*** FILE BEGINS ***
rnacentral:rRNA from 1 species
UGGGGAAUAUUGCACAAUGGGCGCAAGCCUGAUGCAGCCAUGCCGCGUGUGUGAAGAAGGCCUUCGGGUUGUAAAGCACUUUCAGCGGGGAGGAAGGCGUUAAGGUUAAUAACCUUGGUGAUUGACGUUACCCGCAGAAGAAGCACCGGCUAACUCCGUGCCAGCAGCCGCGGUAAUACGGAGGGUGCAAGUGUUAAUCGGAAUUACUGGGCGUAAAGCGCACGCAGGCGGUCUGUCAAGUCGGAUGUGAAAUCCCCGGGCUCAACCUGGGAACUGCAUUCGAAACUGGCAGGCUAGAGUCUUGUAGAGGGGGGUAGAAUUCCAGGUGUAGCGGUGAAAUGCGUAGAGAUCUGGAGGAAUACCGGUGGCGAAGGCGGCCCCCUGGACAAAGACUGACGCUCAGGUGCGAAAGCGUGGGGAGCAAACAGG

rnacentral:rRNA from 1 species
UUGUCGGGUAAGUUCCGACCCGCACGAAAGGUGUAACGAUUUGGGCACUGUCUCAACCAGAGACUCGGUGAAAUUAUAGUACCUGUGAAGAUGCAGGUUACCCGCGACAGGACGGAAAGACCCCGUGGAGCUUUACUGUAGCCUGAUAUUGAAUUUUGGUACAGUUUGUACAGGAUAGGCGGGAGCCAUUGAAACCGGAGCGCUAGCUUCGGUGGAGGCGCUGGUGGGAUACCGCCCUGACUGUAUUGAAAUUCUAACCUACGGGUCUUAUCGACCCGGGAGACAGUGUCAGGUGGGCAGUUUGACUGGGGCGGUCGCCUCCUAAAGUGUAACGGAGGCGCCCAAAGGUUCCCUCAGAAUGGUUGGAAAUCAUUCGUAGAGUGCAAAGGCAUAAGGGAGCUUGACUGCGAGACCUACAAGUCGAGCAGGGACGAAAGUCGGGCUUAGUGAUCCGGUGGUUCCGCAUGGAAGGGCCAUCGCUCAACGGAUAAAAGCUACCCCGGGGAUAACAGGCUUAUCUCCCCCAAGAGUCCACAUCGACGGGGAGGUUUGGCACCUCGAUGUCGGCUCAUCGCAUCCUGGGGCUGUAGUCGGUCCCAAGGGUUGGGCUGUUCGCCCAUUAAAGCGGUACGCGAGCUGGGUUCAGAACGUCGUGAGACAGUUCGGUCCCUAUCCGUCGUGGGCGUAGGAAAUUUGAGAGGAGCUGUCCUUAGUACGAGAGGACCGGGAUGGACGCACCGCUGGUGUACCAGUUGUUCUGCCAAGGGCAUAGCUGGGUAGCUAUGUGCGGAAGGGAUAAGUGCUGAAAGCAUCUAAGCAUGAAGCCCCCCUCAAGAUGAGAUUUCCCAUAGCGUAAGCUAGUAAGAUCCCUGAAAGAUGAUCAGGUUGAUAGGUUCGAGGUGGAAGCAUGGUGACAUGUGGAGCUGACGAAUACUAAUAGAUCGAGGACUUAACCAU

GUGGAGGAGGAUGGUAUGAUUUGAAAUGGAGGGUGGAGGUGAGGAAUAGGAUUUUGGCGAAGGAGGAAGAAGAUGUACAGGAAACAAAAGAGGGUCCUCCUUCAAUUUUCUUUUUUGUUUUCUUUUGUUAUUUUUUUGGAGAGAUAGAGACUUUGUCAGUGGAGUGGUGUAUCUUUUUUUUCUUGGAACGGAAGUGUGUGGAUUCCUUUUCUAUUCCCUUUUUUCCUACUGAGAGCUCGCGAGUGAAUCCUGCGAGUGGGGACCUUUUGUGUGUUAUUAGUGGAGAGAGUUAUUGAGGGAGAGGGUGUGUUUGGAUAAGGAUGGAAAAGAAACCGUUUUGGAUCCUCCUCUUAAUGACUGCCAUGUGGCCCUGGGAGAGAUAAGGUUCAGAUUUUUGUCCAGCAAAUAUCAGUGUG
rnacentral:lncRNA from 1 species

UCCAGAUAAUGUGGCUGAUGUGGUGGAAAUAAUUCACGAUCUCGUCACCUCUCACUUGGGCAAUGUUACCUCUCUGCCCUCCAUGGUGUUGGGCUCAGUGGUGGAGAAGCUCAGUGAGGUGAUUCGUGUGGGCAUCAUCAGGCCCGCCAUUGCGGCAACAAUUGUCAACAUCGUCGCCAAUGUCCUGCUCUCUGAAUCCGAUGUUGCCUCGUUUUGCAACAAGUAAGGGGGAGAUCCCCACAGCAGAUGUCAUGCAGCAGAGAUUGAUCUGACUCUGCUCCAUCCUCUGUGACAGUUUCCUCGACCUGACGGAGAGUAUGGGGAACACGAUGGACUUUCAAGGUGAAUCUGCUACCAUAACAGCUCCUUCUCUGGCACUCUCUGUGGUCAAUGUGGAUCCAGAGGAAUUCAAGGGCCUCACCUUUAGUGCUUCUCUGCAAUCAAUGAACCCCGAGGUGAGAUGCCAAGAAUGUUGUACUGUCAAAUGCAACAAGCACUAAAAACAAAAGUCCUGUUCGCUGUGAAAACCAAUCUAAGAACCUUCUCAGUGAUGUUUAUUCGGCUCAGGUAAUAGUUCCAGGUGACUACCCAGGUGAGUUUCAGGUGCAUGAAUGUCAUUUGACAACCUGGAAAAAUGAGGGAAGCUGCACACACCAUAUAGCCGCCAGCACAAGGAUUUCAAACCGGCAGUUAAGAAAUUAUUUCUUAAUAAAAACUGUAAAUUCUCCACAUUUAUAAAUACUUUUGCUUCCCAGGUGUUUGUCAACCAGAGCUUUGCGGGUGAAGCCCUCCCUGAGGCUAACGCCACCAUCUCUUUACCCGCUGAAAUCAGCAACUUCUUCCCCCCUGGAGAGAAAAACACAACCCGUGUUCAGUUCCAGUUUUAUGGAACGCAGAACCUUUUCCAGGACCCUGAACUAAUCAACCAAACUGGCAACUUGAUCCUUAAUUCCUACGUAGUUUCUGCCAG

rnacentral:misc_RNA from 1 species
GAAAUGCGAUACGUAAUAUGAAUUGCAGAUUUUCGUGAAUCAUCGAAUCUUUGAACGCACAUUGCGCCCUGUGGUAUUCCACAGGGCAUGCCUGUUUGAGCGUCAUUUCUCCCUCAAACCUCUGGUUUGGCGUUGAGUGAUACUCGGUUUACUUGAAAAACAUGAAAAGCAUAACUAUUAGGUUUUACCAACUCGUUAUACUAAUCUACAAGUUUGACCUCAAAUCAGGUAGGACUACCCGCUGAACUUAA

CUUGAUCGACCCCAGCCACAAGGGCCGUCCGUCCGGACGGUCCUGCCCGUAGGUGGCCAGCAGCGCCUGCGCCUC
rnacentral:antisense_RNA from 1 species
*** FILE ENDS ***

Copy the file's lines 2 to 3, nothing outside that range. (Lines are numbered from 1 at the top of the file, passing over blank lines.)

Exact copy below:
UGGGGAAUAUUGCACAAUGGGCGCAAGCCUGAUGCAGCCAUGCCGCGUGUGUGAAGAAGGCCUUCGGGUUGUAAAGCACUUUCAGCGGGGAGGAAGGCGUUAAGGUUAAUAACCUUGGUGAUUGACGUUACCCGCAGAAGAAGCACCGGCUAACUCCGUGCCAGCAGCCGCGGUAAUACGGAGGGUGCAAGUGUUAAUCGGAAUUACUGGGCGUAAAGCGCACGCAGGCGGUCUGUCAAGUCGGAUGUGAAAUCCCCGGGCUCAACCUGGGAACUGCAUUCGAAACUGGCAGGCUAGAGUCUUGUAGAGGGGGGUAGAAUUCCAGGUGUAGCGGUGAAAUGCGUAGAGAUCUGGAGGAAUACCGGUGGCGAAGGCGGCCCCCUGGACAAAGACUGACGCUCAGGUGCGAAAGCGUGGGGAGCAAACAGG

rnacentral:rRNA from 1 species